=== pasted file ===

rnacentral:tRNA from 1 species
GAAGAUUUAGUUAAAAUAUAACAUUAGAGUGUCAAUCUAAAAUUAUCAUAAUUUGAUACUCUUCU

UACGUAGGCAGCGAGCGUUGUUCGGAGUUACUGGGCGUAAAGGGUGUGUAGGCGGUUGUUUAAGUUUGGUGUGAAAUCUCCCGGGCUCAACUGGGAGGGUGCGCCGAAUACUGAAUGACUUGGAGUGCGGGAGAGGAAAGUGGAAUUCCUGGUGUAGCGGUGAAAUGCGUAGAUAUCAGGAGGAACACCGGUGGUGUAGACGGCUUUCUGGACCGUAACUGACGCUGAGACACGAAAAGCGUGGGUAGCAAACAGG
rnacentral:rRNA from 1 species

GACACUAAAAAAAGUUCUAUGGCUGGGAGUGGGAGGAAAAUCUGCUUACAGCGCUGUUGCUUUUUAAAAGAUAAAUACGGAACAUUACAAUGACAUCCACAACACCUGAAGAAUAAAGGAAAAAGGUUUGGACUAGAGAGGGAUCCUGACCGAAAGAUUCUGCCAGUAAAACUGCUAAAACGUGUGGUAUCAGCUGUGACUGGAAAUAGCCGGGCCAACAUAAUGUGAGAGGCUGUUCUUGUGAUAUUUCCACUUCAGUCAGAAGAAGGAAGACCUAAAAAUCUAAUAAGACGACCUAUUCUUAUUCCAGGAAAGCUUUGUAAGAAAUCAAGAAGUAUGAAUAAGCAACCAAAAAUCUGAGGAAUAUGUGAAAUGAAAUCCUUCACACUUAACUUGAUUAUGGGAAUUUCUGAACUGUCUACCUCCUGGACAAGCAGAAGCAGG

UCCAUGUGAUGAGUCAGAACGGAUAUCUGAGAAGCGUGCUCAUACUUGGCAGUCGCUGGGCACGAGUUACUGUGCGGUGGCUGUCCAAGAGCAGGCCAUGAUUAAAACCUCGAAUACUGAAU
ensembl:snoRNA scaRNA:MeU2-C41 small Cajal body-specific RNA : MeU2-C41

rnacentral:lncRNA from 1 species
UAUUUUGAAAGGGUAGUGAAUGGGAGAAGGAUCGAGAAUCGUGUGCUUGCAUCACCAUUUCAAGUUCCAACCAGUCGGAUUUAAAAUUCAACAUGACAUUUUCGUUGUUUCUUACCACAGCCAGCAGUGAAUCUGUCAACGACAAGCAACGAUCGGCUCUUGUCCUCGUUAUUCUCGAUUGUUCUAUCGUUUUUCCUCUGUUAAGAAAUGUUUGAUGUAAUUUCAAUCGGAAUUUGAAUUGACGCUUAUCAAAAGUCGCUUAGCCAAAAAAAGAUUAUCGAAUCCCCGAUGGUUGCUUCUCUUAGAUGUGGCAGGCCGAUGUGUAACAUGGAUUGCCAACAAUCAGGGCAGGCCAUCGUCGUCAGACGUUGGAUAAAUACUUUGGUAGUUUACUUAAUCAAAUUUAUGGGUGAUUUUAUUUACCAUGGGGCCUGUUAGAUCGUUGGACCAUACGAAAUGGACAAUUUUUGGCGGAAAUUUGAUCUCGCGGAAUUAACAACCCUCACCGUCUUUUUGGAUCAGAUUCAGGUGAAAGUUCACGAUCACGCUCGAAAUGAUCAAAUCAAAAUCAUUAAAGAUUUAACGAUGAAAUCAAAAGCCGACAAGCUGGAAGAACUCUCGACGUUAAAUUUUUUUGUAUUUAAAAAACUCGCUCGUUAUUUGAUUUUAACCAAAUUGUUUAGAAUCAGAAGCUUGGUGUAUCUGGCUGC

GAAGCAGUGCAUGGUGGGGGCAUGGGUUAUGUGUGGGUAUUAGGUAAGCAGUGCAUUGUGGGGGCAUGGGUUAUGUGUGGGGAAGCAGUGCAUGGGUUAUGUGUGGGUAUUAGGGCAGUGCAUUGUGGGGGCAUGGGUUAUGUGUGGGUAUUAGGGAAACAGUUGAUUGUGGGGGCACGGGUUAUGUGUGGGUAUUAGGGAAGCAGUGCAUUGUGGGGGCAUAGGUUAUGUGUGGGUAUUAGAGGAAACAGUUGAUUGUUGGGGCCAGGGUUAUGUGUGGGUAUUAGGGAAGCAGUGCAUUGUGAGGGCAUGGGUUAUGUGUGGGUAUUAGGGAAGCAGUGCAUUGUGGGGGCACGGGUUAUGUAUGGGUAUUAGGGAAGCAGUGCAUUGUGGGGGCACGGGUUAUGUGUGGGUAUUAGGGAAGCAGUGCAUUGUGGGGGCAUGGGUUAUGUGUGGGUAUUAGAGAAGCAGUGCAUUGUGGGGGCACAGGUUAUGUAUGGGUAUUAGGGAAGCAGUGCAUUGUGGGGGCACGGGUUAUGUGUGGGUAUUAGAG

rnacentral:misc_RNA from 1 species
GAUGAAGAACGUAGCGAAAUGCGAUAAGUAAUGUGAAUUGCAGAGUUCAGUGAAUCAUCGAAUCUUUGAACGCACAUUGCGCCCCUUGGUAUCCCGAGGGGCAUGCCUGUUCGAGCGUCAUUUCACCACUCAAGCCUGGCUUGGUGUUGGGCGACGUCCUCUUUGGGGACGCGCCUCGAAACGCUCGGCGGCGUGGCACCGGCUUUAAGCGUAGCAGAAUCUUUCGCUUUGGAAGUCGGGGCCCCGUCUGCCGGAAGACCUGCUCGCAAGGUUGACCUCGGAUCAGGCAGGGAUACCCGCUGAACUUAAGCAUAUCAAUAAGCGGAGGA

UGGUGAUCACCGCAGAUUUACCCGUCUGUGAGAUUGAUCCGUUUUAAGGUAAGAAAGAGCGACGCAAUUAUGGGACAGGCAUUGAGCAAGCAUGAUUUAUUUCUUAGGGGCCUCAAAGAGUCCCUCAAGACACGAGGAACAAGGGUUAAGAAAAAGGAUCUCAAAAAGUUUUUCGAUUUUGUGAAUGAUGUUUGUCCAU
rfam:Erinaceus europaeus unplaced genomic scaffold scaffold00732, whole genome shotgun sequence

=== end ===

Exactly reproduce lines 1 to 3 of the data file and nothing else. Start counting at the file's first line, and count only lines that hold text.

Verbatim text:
rnacentral:tRNA from 1 species
GAAGAUUUAGUUAAAAUAUAACAUUAGAGUGUCAAUCUAAAAUUAUCAUAAUUUGAUACUCUUCU

UACGUAGGCAGCGAGCGUUGUUCGGAGUUACUGGGCGUAAAGGGUGUGUAGGCGGUUGUUUAAGUUUGGUGUGAAAUCUCCCGGGCUCAACUGGGAGGGUGCGCCGAAUACUGAAUGACUUGGAGUGCGGGAGAGGAAAGUGGAAUUCCUGGUGUAGCGGUGAAAUGCGUAGAUAUCAGGAGGAACACCGGUGGUGUAGACGGCUUUCUGGACCGUAACUGACGCUGAGACACGAAAAGCGUGGGUAGCAAACAGG